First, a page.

Published : 2013-01-21 19:18
Updated : 2013-01-21 19:18
BEIJING (Yonhap News) ― A delegation of special envoys appointed by South Korean President-elect Park Geun-hye arrived in Beijing Monday on a four-day visit aimed at bolstering two-way cooperation over North Korea and other bilateral issues.
“We came to create an opportunity to build new trust (between South Korea and China),” Kim Moo-sung, the leader of the four-member delegation, told reporters after arriving at Beijing Capital International Airport.
Kim, a key manager of Park’s presidential campaign last year, was joined by Reps. Shim Yoon-joe and Cho Won-jin of Park’s ruling Saenuri Party and Han Seok-hee, a professor of international relations at Seoul’s Yonsei University. They met with Chinese Foreign Minister Yang Jiechi later in the day.
“With the (upcoming) launch of the Park Geun-hye administration (in South Korea) and the Xi Jinping administration in China, we have a good opportunity for fresh cooperation and stronger ties between our two countries,” Kim said.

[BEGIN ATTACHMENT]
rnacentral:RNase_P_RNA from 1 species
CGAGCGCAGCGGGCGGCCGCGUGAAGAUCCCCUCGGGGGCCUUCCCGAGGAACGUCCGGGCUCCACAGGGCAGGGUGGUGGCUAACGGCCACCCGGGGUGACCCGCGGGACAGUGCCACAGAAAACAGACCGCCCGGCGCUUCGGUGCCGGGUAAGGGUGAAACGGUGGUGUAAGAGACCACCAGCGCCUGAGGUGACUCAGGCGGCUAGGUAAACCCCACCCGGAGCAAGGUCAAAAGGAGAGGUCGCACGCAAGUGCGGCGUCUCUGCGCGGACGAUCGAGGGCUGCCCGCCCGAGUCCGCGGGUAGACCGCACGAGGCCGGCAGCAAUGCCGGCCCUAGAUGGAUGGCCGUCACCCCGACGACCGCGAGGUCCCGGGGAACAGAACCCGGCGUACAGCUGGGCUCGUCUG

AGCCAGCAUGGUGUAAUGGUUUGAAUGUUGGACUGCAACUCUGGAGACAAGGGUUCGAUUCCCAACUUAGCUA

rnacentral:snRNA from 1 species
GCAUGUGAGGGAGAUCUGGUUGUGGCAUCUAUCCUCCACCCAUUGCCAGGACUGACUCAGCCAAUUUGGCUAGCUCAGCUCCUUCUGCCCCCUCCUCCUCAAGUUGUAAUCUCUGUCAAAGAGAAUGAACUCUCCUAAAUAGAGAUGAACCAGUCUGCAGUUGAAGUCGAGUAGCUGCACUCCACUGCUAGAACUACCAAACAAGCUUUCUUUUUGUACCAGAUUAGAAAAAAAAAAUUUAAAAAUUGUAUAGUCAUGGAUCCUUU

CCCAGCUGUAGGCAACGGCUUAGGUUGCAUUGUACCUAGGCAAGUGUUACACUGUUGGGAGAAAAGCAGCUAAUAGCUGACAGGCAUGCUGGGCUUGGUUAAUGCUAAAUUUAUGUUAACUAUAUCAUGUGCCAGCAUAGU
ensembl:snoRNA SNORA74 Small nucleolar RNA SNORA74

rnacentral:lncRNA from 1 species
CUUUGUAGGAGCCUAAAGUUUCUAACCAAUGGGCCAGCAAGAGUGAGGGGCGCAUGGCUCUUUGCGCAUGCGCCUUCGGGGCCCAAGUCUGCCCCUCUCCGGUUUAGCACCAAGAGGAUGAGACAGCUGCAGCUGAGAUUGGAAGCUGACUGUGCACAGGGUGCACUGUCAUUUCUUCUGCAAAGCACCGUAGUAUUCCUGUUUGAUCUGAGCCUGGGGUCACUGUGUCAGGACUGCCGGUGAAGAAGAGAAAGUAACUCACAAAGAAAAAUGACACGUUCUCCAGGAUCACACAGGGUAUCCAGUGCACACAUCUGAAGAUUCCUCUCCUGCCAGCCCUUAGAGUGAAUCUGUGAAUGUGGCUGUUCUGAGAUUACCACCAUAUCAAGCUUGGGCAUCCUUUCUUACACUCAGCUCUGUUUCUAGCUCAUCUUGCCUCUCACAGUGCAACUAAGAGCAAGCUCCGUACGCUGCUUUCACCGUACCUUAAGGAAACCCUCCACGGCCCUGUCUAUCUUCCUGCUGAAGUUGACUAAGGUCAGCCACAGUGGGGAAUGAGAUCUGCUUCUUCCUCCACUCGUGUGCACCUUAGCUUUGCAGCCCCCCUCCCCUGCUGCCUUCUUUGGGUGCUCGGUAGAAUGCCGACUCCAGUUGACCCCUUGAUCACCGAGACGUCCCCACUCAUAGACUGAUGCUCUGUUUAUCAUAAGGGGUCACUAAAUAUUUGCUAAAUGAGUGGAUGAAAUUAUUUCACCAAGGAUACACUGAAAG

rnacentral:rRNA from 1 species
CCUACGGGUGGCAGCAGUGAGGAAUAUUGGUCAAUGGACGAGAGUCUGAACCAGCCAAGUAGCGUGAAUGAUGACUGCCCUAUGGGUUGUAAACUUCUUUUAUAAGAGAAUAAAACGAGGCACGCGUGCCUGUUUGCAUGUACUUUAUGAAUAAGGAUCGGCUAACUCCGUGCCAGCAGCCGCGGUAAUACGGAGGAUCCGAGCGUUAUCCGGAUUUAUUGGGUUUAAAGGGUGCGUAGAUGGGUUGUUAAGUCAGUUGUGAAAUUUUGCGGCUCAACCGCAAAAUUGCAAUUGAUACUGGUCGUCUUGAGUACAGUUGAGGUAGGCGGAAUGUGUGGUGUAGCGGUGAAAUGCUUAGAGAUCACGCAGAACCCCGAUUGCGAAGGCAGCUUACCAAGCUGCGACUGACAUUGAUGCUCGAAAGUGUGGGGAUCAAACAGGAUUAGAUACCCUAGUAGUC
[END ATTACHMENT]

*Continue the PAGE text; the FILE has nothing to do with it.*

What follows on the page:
Ahead of their visit, Park met with the delegation last Friday and asked them to discuss North Korea issues and South Korea’s growing ties with China in their meetings with the Chinese leadership.
“China must play an important role in leading North Korea to make the right choice and transform itself,” she said.
China’s cooperation is critical in getting the U.N. Security Council to punish North Korea for its launching of a long-range rocket last month that violated U.N. sanctions.
China, a key North Korean ally and a veto-wielding permanent member of the Council, has reportedly been reluctant to impose additional sanctions on Pyongyang due to concerns that they may destabilize the isolated nation, and harm the political and economic interests of Beijing.
Diplomatic sources, however, said China appeared to have reversed its stance and the Council could adopt a new resolution calling for tougher sanctions against North Korea sometime this week.
Despite the diplomatic tensions that have sometimes resulted from Beijing’s soft stance toward Pyongyang, Kim said he believed relations between South Korea and China were never bad.
“I don’t think ‘restoring’ (relations) would be the right way to put it. Think of it as an exchange aimed at making our relations even better than they are now,” he said.
Asked why Park sent a delegation to China before any other nation, Kim said, “From our point of view, it’s hard to say which is more important ― the United States or China. China is the country closest to us, with which we have frequent exchanges.”
On Wednesday, the delegation is scheduled to pay a courtesy call on China’s next leader Xi and deliver a personal letter from Park.
The visit had initially been planned for Tuesday, but the delegation left one day in advance for reasons that were not immediately known.